March 16, 2019 7:32 pm
Updated: March 16, 2019 10:37 pm

Calgarians gather at city hall to grieve victims of New Zealand mosque shooting

WATCH: Coverage of the Christchurch, New Zealand terror attacks.

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Hundreds of Calgarians stood in a circle outside city hall on Friday evening to grieve in the aftermath of the New Zealand mosque shooting that left 50 people dead.

Signs read “Spread love, not hate” and paraphrased words from the Quran: “Whoever kills an innocent person, it is as if he killed all of humanity.”

READ MORE: Vigils held across Canada, world for New Zealand mosque shooting victims

Religious leaders from a range of faiths, politicians and activists spoke to the crowd, condemning the attack and urging action against extremism.

Saima Jamal organized and spoke at Calgary’s Friday night vigil.

Global News

“We saw how, just like a video game, a shooter just went in and just kept on shooting and shooting and shooting,” said vigil organizer Saima Jamal to the crowd. “In a mosque where the carpets were green, I prayed in a mosque where the carpets were red today.”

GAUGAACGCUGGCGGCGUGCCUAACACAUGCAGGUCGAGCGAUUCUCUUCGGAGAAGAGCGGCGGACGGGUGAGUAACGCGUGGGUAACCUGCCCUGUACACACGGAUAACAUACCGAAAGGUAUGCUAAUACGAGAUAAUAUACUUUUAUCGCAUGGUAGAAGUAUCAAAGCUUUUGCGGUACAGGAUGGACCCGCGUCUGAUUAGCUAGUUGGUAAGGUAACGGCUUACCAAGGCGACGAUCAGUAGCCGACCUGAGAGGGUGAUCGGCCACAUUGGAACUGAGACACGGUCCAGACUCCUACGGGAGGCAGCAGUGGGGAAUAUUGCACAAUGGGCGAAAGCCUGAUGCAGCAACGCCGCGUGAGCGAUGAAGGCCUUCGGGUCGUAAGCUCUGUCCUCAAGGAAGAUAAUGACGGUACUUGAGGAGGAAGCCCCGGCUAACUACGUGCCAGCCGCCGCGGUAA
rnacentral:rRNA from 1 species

It’s a sanctuary where people go to heal, she said in an impassioned speech.

“The mosque is the place that you feel is your home right after you’re home,” Jamal said. “That’s the place that you’re supposed to feel the safest.”

She said that maybe in sharing grief, it will lessen, but she also emphasized that this was a “vigil with purpose,” urging people to stand against white nationalism.

READ MORE: Islamophobia in Canada isn’t new. Experts say it’s time we face the problem

“They are not patriots,” Jamal said. “Patriots don’t push their agenda through hate and evil. We are the true patriots that are standing right here.”

The public had a chance to offer reflections into the mic, with many talking about how people need to work together to combat bigotry and violence against Muslims.

Amirah Azmi attended the vigil, saying she wanted to support her community in the face of Islamophobia.

“Us Muslims, we shouldn’t be scared to go to the mosque and practice our religion — it’s not fair,” she said.

“Personally, I wasn’t affected, but as a community, we all felt it.”

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